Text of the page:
Of all the reasons we love and use Jetpack for CSS-Tricks—a poster child WordPress site—is that we can sleep easy at night knowing we have real-time backups running with Jetpack Backup. That way, no matter what, everything that makes this site tick, from all the template files to every single word we’ve ever typed, is always a click away from being restored if we need it for any reason at all.
There’s really no question whether or not you should be backing up your WordPress site. You absolutely should. It’s sort of like being prepared for an earthquake: you know it could happen at any time, so you want to make sure you’ve got all the tooling in place to keep things safe, not if, but when it happens.
What’s your backup plan? For us, it’s logging into WordPress.com, locating which backup to use, and clicking a button to restore things to that point in time. That’s all the files of course, like WordPress itself, the theme, and plugins, but also the entire database and all the media files.
Another reason we love Jetpack Backup? It provides a complete activity log of all the changes that happen on the site. It’s one thing to have your site backed up and be able to restore it. It’s another to know what caused the issue in the first place.
Jetpack Backup offers two plans one for daily backups and the other for real-time backups. We’ve got real-time running around here and that’s a great option for large sites that are updated often, like e-commerce. Most sites can probably get away with daily backups instead.
That leads to another wonderful thing: Jetpack Backup is sold à la carte. That means you can just get backups if that’s all you want from Jetpack. And, hey, if you find yourself needing more from Jetpack, like all the stuff we use it for here, then that rich feature set is just a couple of clicks away.
Not sure what your WordPress backup plan is? You really ought to check out Jetpack Backup. It works extremely well for us and we can’t recommend it enough.
While working on a bit of content for @css across team members, I noticed some of what I had written had disappeared. It got saved over by accident. I forgot to turn on “Revisions” for this Custom Post Type (it was a newsletter, which we write in WordPress).
It was tempting to be like, “Oh well, I’m a dummy, I’ll just have to remember and re-write it.” But no! I have Jetpack real-time backups on this site. I was able to find the exact moment I made my changes and download a copy of the site at that moment.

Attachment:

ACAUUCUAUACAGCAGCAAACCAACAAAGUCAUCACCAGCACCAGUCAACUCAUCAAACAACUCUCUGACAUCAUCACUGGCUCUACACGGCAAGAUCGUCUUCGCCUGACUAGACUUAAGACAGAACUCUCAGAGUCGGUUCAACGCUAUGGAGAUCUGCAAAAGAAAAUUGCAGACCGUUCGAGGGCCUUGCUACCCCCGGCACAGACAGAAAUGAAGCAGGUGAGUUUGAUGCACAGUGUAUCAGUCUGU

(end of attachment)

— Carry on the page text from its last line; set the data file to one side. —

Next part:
I didn’t need to restore the site to that point, just what I had written. So, I loaded up the
wp_posts table from the SQL dump in that backup, plucked out my writing, and put it back in place.
And of course, I enabled revisions for that Custom Post Type so it won’t happen again.
Not only is that a true story, but this is a Jetpack double-whammy, because I “unrolled” that Twitter thread right here in WordPress via a Jetpack feature.
How big are each backups?
As big as every post on your site in plaintext (zipped), every plugin and theme (same), and every bit of media you’ve ever uploaded. Generally: fairly big.
As I have sites on multiple servers, I bought a separate server only for the backups and installed backuppc there (https://backuppc.github.io/backuppc/).
The good thing with backuppc is that you set it up once and then you can put there as many servers as you want. Also, you can backup other parts of the server as well (configuration etc).
Of course, backuppc only backs up files, so I also wrote a simple bash script which uses WP-CLI to back up the databases (you can find it here: https://gist.github.com/gsarig/df16f1896706910532a7661abad00898)
It took me some time to set everything up, but after that I don’t have to do anything at all to backup new sites. As long as a new site gets added on the server, it gets daily backups automatically, without having to install plugins or do any kind of site-specific setup at all.
Personnally I am using UpdraftPlus which works fine and free!
For small sites, just perfect to me.